by Linda Straker
Having lost her mother due to HIV complications, young Kahdija Logie who will be representing the parish of St Patrick in the upcoming National Carnival Queen Show believes that everyone, especially young people, should make it their duty to know their HIV status.
“That is why I am encouraging all sexually active persons to make use of the opportunity that will be available on the Regional Testing Day and get to know their HIV status,” said Logie who will also be encouraging by example, and will take the test so she knows her own status.
“Lots of young people are very sexually active and not engaging in safer sex practices, so this is an opportunity for them to know their HIV status,” she said, while calling for more public education about sexual transmitted infectious targeting young people.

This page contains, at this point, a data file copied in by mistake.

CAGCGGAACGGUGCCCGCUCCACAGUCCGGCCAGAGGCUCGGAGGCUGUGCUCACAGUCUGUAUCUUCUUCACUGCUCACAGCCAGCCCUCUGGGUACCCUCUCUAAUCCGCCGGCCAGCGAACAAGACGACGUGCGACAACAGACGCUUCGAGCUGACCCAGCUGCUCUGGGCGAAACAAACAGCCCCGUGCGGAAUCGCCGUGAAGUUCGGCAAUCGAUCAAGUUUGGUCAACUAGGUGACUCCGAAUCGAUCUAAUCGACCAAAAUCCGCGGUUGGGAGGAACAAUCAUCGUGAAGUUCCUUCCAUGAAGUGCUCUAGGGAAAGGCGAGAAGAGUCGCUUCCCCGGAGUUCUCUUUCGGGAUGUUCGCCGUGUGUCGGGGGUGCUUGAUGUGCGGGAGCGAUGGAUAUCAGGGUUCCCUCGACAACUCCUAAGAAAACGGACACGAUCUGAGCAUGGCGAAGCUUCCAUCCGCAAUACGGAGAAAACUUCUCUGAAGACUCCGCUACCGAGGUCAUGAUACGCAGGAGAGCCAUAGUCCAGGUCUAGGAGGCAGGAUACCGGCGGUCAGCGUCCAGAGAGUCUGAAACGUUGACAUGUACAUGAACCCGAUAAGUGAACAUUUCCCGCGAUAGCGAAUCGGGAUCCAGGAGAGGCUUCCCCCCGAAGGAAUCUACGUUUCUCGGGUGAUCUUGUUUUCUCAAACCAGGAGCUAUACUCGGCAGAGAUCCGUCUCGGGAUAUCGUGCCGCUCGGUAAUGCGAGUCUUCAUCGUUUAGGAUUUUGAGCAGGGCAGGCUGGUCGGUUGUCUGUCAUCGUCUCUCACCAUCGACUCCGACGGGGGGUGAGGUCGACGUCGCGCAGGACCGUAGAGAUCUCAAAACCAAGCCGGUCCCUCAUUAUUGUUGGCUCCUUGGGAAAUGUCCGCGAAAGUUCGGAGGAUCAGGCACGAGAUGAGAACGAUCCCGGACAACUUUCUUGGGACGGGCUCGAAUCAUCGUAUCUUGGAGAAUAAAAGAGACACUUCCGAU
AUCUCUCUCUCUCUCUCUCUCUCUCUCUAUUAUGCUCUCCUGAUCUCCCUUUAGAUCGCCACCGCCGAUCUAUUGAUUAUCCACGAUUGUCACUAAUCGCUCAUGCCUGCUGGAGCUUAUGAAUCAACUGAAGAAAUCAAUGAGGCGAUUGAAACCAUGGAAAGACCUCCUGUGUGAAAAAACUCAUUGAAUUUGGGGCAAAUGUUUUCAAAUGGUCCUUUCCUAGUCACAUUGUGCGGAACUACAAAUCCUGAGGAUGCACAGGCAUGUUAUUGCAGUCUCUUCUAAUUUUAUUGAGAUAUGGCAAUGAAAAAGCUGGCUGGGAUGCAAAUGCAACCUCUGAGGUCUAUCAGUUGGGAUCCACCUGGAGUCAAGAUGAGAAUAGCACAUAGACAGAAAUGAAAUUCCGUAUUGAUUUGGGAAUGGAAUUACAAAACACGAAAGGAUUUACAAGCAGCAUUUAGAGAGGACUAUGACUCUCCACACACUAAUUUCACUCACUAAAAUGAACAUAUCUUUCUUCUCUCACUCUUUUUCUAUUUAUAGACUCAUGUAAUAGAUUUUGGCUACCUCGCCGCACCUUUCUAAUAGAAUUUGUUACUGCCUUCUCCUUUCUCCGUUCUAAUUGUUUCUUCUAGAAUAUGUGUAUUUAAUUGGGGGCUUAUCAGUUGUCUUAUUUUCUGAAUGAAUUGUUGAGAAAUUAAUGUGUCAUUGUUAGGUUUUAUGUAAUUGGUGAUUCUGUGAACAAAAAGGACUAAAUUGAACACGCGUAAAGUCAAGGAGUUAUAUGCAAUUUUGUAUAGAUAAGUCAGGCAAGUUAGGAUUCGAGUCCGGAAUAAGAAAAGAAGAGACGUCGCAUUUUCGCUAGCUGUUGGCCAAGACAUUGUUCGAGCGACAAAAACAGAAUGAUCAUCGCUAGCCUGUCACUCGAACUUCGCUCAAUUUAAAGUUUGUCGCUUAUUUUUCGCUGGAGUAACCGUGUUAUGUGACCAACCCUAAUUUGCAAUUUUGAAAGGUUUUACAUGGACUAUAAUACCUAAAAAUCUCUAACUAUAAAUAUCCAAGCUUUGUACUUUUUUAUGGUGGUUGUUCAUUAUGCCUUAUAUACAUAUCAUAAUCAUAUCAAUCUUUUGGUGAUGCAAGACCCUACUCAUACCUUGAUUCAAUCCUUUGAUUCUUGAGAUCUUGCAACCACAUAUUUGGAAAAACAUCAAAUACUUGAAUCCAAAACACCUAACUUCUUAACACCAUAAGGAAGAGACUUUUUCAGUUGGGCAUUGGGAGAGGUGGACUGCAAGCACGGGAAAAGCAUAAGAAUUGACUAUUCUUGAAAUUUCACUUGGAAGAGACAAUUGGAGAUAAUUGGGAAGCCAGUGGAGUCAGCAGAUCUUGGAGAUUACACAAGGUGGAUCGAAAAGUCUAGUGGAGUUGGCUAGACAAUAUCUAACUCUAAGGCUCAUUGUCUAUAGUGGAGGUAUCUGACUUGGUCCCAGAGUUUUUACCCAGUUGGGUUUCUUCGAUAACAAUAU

As a person affected by HIV, Logie said that though her mother died in 2010, in the immediate aftermath, as a young student she was faced with lots of discriminatory behaviour. “People, not little children, used to say all kinds of things. I regularly faced mistreatment, even when I was in school. This has impacted me in different ways. While I was able to rise above this, not everyone will be like me, and so I want to see more emphasis be placed on educating people about HIV,” she said.
“That education is to make people become very conscious about sexual transmitted infections, and life-changing possibilities when safer sex is not practiced,” she said.
A project of Scotiabank, Regional Testing Day will be on Friday, 24 June — HIV testing will be done throughout the island at various locations. It is undertaken in collaboration with the Ministry of Health.
Persons tested on that day will get to know their result within 2 weeks. Anyone diagnosed with the virus will immediate receive the necessary counseling and care support.